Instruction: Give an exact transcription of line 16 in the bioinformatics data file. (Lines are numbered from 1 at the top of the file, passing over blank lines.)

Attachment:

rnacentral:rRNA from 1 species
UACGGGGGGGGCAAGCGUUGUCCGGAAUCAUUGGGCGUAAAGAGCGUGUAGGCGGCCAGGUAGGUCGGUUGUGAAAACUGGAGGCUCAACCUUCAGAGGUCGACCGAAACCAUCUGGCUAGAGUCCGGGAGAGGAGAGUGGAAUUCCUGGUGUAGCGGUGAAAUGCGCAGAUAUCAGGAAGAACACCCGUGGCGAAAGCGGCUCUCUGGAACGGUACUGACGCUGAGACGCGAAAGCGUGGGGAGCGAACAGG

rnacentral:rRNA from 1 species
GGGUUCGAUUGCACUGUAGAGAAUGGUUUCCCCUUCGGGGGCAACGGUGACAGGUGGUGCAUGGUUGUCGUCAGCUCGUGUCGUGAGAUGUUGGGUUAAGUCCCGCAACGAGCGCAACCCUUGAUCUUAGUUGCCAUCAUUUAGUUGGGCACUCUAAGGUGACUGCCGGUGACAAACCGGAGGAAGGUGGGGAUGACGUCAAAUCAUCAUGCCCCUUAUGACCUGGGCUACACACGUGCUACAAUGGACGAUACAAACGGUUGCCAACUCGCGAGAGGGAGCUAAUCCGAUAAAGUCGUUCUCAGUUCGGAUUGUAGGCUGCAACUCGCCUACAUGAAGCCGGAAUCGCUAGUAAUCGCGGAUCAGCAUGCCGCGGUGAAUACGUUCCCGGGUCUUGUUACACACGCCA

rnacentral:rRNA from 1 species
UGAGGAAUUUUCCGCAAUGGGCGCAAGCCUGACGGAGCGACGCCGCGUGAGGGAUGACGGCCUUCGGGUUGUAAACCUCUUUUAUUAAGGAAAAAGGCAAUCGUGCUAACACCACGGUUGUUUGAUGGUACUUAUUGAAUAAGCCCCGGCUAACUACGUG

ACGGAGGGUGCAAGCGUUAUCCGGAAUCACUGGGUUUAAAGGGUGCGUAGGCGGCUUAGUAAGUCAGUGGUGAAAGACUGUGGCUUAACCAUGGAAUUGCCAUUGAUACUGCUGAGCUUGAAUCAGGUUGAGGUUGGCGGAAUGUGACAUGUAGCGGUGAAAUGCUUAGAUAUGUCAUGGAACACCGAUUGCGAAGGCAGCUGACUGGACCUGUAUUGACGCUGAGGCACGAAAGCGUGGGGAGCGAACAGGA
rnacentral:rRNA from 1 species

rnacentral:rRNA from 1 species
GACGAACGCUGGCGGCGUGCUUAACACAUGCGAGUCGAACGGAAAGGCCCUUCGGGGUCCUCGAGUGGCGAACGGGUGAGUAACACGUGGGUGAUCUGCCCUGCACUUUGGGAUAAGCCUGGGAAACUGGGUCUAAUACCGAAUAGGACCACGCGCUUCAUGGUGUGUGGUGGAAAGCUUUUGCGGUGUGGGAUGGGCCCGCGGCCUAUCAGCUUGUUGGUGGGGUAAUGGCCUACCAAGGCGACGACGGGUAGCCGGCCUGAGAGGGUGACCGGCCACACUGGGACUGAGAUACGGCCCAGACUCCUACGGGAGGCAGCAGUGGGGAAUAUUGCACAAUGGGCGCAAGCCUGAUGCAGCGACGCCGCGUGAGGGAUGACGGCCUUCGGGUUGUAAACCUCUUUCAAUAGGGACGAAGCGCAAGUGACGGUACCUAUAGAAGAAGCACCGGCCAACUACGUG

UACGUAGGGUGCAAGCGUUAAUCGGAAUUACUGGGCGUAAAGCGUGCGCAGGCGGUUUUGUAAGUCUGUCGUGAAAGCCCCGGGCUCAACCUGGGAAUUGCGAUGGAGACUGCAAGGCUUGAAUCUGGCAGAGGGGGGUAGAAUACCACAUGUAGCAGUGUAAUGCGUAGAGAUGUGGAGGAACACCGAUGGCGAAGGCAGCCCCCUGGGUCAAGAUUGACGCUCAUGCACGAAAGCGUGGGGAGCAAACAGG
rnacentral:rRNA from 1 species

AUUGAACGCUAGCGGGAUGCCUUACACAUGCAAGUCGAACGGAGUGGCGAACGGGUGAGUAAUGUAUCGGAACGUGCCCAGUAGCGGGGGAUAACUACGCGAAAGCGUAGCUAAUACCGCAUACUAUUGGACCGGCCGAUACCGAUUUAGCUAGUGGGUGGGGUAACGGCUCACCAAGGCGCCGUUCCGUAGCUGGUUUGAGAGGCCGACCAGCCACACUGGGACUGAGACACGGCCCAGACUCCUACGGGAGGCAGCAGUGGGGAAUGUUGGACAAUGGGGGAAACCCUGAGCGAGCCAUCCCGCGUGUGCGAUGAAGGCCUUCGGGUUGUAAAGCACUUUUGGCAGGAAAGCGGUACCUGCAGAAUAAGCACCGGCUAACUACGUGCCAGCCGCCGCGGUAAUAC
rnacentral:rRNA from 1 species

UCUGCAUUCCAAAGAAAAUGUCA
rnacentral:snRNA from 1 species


rnacentral:snRNA from 1 species